This won’t be the first time for Jacy Topps, a freelance writer who’s written about why she chooses to celebrate the holidays alone. It started when she moved to New York City and couldn’t afford a ticket home, but she discovered she enjoyed making new traditions on her own, like watching all the “Harry Potter” movies on TV while drinking homemade butterbeer.

After she got married she spent the first few holidays with her in-laws, but this year, she said she’s opting out. Her wife’s family holds different political views, and she said that although a part of her wishes she could see them and gloat, it’s more important to her to take this time for herself.

Indulging your own wants and needs over fulfilling a duty to be with family (for a potentially contentious gathering) is a radical act of self-care, particularly as a Black woman, she said.


“There is that stigma that you have to spend [the holidays] with people even though you don’t want to see these people or travel or hang out with them or do their traditions. It’s more of a societal pressure,” she said. “Sometimes you have obligations, and that’s fine, and you do those some years, but some years it’s OK to treat yourself and do what makes you happy. Your obligation is to yourself.”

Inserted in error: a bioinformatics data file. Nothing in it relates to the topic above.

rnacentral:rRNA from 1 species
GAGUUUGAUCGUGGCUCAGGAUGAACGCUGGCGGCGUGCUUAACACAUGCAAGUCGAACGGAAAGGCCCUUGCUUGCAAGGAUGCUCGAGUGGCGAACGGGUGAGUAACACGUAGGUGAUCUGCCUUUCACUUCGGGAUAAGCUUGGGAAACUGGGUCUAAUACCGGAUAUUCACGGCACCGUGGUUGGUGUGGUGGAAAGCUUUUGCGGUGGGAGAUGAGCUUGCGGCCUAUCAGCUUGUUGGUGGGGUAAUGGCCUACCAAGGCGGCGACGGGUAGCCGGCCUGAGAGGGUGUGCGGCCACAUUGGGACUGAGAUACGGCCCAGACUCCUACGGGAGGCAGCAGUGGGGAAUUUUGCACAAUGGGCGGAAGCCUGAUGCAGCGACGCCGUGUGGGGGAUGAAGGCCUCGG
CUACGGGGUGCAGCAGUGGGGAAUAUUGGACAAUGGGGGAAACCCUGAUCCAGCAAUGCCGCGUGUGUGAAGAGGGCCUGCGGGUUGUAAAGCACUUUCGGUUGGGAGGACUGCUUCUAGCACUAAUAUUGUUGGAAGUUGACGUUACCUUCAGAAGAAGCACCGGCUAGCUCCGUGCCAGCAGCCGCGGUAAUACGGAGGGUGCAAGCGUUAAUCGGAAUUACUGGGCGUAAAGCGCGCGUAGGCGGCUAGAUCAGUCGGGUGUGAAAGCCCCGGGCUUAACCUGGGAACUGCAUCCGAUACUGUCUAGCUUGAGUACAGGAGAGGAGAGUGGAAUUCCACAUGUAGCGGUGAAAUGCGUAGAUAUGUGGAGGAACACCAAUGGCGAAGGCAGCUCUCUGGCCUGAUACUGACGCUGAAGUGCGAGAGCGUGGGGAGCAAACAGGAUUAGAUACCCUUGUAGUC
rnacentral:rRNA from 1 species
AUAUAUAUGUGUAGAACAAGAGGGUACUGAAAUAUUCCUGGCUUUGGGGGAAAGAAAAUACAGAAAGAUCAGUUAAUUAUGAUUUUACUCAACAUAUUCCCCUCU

She and her wife are going all out this year, at home. An extensive menu has been brainstormed and wine-paired for Thanksgiving dinner. The tree has been trimmed — earlier in the season than usual, like a lot of us this year. A full day of movie viewing is in the works.

“Whatever brings you joy, just find it,” Topps said.

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Re-create rituals

An expert on holiday rituals echoes that assessment. Ovul Sezer, an assistant professor of organizational behavior at the University of North Carolina, led a study about how participating in rituals and traditions affects enjoyment of the holiday season.

The verdict: “Family rituals improve the holidays,” Sezer said, and add to overall holiday enjoyment.